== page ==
My late boyfriend Joe had a volunteer job for a while. He had chosen the location himself, approached the folks in charge and they gave him a job. However, after the first day on the job, Joe seemed discouraged. I asked him why.
He said they had him sitting at a desk and told him to give people directions if they asked. He also had to answer the phone if it rang.
For the entire four hours, he said, no one asked him for directions and the phone did not ring once.
I am well familiar with this sort of volunteer job, where they take one look at you and then, put you in some position where you aren’t really needed. Or wanted. I think it was 1983 that I went to volunteer in a hospital, the same hospital where I had been a patient. I did the exact same job that Joe did.
We talked about this at length. The reasons why these volunteer coordinators put us in useless jobs were different, but it amounted to classism, which was at the root of their snobbery. In my case, they decided that since I was an MP, I was useless and incapable. In Joe’s case, they came to the same conclusion because he had a visible disability. Neither of us was given a chance.
You won’t last long at such a job. That’s what they want, of course.
The real killer was that we both watched “candy stripers,” who were high school kids, doing real work. Mostly they delivered parcels from one unit to another. It was disheartening indeed that we weren’t even considered worthy of that.
There have been times in my life since then that I have been completely disregarded. I’m sure you guys have been through, it, too. When people look right through you like you aren’t there. It was like that for me at that supposed liberal church, too. For two years in a row I was left out of the “greeters” list. I was told this was an oversight. I was fairly sure this couldn’t happen twice accidentally. Yes, they did know I was an MP. I told them. Because I was stupid enough to do so.
I think this kind of thing happens in everyday life, too. If you work, I bet there are people at work who think they’re above you in some fashion. They never give you meaningful responsibility because they see you as incapable.
Yesterday I had an aide working with me. By all means, the teacher and the aide need to work cooperatively, that is, they need to at least communicate. I noticed that the kids like this aide. They definitely gravitate toward certain teachers and staff members more than others. They interacted with him a lot, joked around, etc. I knew he would come into my classroom during one of my classes. I said hello to him early in the day. He walked right by me.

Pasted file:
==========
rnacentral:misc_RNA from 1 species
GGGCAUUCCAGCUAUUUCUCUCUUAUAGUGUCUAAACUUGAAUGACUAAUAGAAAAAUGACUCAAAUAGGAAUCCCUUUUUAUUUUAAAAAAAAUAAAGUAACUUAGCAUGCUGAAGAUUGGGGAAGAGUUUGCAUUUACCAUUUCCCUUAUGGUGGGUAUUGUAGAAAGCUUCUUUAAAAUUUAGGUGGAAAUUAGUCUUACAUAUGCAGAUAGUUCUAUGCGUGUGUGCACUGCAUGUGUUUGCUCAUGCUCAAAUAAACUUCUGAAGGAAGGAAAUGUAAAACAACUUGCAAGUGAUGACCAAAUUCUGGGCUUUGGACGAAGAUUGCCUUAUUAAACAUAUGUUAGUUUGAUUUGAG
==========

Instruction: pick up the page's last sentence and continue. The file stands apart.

Then, in the classroom, several times I spoke to him, mostly about trivial matters such as the fact that the door stopper didn’t work. I was shocked at his attitude. He didn’t react when I spoke to him. He didn’t even acknowledge my presence. It wasn’t that I felt invisible. To him, it was reality. I was indeed totally invisible.
Okay, Dude, maybe I am not quite young enough for you. Maybe I am not pretty enough, or too short to be worth your while. I’ll never know.
This, to me, symbolized how I was treated the whole time I was a known MP. That casual disregard. Behind it was their desire to make me totally disappear, get out of the way, because they had important things to do that they perceived were completely beyond me.
There is no place in my life for such snobbery. If you think you’re better than others, just get out of my life, please.
Diagnosis creates an excuse for non-diagnosed people to exclude and discriminate. Diagnosis is a form of classism at its very heart. While there are other forms, such as racism and homophobia, diagnosis gives people a reason to exclude when they can’t think of other reasons.
In fact, perceived diagnosis is sometimes seen as a valid reason to exclude, while race and gender discrimination are now off limits in many sectors of society.
I don’t think things are going to change very soon. There are a lot of circles where I am not included, even now. I have given up. I would rather find the underclass, where people are seen as people, where they have this odd idea that no one is better than anyone else.